The process of thermal degradation of poly(vinyl chloride)/poly(methyl methacrylate-butadiene-styrene) (PVC/MBS) blends was
investigated by means of isothermal thermogravimetry in nitrogen. The total mass loss was determined after 120 min. The kinetic
parameters of the degradation process were determined by applying two kinetic models: the model which assumes autocatalytic
degradation (Prout-Tompkins) and the model of two-dimensional diffusion. It was established that the thermal degradation at
lower degrees of conversion (α<0.20) was well described by the former model, but the latter model was applicable at higher
degrees of conversion. The thermal stability of blends at a certain temperature of isothermal degradation depends on the blend
composition and the shell/core ratio in MBS, and on the adhesion in the boundary layer in PVC/MBS blends.
The PVC/ABS blends were degradated by means of isothermal thermogravimetry at temperatures at 210...240°C in nitrogen. Applying
the stationary point method to the data obtained from thermogravimetric curves, apparent activation energy, preexponential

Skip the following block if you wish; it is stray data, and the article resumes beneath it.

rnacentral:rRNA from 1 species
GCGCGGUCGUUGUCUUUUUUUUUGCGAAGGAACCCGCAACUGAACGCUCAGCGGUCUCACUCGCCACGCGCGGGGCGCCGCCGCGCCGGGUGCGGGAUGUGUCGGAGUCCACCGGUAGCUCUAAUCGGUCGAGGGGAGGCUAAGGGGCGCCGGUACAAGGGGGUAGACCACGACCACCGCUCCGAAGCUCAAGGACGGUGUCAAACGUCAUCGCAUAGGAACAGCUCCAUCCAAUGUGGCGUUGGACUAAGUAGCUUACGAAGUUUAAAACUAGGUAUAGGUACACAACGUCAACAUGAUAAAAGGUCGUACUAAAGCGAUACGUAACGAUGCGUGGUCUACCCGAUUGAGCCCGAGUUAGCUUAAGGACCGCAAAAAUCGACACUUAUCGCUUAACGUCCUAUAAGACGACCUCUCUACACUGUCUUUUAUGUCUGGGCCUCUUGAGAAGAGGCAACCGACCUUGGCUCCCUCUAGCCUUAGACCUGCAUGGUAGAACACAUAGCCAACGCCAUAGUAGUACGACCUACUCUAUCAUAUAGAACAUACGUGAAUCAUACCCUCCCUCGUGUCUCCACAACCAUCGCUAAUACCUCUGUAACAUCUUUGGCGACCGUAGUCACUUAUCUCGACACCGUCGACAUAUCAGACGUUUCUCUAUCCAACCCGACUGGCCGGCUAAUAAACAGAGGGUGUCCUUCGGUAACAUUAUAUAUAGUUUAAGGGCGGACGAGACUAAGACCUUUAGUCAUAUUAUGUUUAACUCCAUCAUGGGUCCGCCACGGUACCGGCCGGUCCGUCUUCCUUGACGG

factor and compensation parameter for each blend were calculated. The constancy of compensation parameters points to an unchanged
mechanism of poly (vinyl-chloride) (PVC) thermal degradation in the presence of acrylonitrile butadiene-styrene (ABS). Upon
increasing the fraction of ABS in the blend up to 50% only the kinetics of the process is changed.
The thermooxidative degradation of poly(vinyl chloride) (PVC), chlorinated polyethylene (CPE) and PVC/CPE blend 50/50 was
investigated by means of dynamic and isothermal thermogravimetric analysis in the flowing atmosphere of air. To estimate the
thermooxidative stability of the samples the characteristics of thermogravimetric (TG) curves were used. Kinetic parameters
(the apparent activation energy E and preexponential factor Z) were calculated after isoconversional method for the first
stage of dynamic degradation where dehydrochlorination (DHCl) of PVC and/or CPE is the main degradation reaction. Despite
the chemical resemblance, the degradation mechanisms of CPE and PVC are different, as a consequence of differences in microregularity
of the corresponding polymer chains. The addition of Ca/Zn carboxylates as well as the ratio of Ca and Zn carboxylates have
considerably different influence on the investigated polymers.